In this episode, Scott talks to Atlanta trial attorney Nelson Tyrone. Mr. Tyrone tells Scott a story of how he learned to better understand his client.
Transcript for Trial Lawyer Talk, Episode 14, with Nelson Tyrone
Scott Glovsky: Welcome to Trial Lawyer Talk. I am Scott Glovsky and I am your host for this podcast where we speak with some of the best trial lawyers in the United States. This is a storytelling podcast, so what you hear are great lawyers who are great people telling great stories from cases that had a profound impact on them. I am still on a high from our last episode with Joe Fried and my high continues with one of the best episodes today that we have ever done. I am so grateful and glad to bring you, today, Nelson Tyrone. Nelson is from Atlanta and has been a phenomenal trial lawyer for the last couple of decades. He is truly a gem of a human being, one of the best listeners that I know, which is going to be evident in the story you are going to hear, and one of the best storytellers that I know. Let’s get started; please enjoy. Thanks.
I am very pleased and feel very lucky to have with us today Nelson Tyrone who is a phenomenal human being, phenomenal trial lawyer, and a phenomenal teacher. Nelson is an amazing lawyer who practices in Atlanta, Georgia. Although he tries cases all over the country, his practice focuses on birth injury cases. Nelson, thanks for being with us.
Nelson Tyrone: Boy; I am honored to be here and I am not sure I live up to that intro.
SG: Nelson, can you share with us the story of a case that had a profound impact on you?
NT: I can. You talked to me about this a few days ago and I have really warmed up and been thinking about one of my former clients. I used to be a criminal defense lawyer, so this is a client of mine; it was one of the last criminal defense cases that I handled. His name is Hoa Ta. H-O-A is his first name, pronounced ‘wah.’ T-A is his last name. I think it was maybe seven or eight years ago, but it really has had a lasting impact on me. Should I just tell you a little bit about him?
NT: I was a criminal defense lawyer in Atlanta. Hoa was indicted in federal court. He is a 19-year-old kid from a Vietnamese family who lived in Portland, Oregon. Hoa was charged with some horrible stuff; drug conspiracy, kidnapping. The kidnapping was alleged to have involved Atlanta, Georgia, and that is why the case was in Atlanta. When Hoa was charged, initially there were five co-defendants who were alleged to be his Vietnamese gang co-conspirators. By the time we were heading towards trial, those other co-conspirators had all plead guilty and would be testifying against Hoa at trial.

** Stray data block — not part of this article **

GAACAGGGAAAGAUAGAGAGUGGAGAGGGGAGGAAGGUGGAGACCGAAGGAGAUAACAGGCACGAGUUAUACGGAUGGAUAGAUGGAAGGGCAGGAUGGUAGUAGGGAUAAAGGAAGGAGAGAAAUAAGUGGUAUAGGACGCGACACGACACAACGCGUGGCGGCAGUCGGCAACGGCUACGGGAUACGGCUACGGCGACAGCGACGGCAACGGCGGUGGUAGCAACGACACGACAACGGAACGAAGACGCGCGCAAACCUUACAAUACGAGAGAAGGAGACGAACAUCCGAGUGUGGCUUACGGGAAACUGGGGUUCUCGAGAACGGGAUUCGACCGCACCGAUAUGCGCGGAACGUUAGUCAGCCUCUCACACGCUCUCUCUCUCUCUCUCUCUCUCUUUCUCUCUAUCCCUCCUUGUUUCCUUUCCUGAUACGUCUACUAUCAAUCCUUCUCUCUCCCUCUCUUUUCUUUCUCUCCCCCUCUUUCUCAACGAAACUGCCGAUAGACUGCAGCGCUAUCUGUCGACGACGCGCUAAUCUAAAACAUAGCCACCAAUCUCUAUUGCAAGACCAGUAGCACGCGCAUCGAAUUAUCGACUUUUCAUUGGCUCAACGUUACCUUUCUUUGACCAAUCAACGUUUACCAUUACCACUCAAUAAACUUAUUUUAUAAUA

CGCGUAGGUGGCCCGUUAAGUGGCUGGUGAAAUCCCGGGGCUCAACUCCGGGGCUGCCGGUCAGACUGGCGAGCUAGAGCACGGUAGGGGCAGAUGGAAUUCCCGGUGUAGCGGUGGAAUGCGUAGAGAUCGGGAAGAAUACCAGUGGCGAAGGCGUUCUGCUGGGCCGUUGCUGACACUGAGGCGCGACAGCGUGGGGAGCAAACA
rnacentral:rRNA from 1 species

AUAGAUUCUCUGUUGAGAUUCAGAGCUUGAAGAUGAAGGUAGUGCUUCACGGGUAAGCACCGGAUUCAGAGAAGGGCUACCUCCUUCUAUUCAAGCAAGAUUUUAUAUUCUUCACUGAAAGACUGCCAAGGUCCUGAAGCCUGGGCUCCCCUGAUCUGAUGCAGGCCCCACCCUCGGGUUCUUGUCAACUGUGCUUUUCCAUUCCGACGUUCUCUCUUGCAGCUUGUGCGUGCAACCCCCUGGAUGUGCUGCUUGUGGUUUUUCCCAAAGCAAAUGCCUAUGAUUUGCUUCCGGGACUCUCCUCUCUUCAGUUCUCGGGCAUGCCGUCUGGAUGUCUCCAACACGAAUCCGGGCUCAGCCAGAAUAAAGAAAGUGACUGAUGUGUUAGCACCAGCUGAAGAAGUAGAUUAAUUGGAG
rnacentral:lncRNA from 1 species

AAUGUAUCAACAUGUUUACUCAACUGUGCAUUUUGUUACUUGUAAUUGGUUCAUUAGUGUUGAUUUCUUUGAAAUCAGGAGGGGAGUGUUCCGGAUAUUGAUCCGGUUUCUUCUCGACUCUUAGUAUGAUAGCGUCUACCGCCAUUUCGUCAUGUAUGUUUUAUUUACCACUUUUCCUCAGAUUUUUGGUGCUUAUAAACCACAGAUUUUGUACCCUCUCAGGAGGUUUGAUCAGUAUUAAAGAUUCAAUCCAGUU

Hoa, from the very start, had explained to me that he was innocent and the story that he told me from the very start, he was innocent. It was just a very complicated set of circumstances and he just got caught up in. Let me tell you a little bit about [the case]. Hoa was charged with being involved in a drug conspiracy and a drug deal gone wrong. The allegation was that when the drug deal went wrong, meaning when… The allegation was that Hoa and his part of the drug conspiracy did not show up at the drug deal with the money. They were allowed to take the drugs from the deal and never returned. Then the allegation was that in order to even up that debt, for Hoa to be held responsible by the drug gang for the money being lost, that Hoa had to be part of a kidnapping. The allegation was that Hoa conspired and helped the drug dealing gang kidnap a person in Atlanta, Georgia, to then take them back to Portland and hold them for ransom. That was the story that the government told and it was a pretty compelling story. The reason that it was so compelling is that, if we go backwards from the moment the police showed up on the scene, when the FBI showed up to free the kidnap victim, at the end of the story, they showed up at a hotel room in Portland, Oregon, and there were two people in the hotel room. One was Hoa and one was an elderly gentleman who was the kidnap victim and the kidnap victim was very clear that he had not been allowed to leave; that he was not allowed to leave the hotel room, he was being held, and that Hoa was the member of the team holding him who had been left behind to keep him from leaving. So, it sure looked like a kidnapping.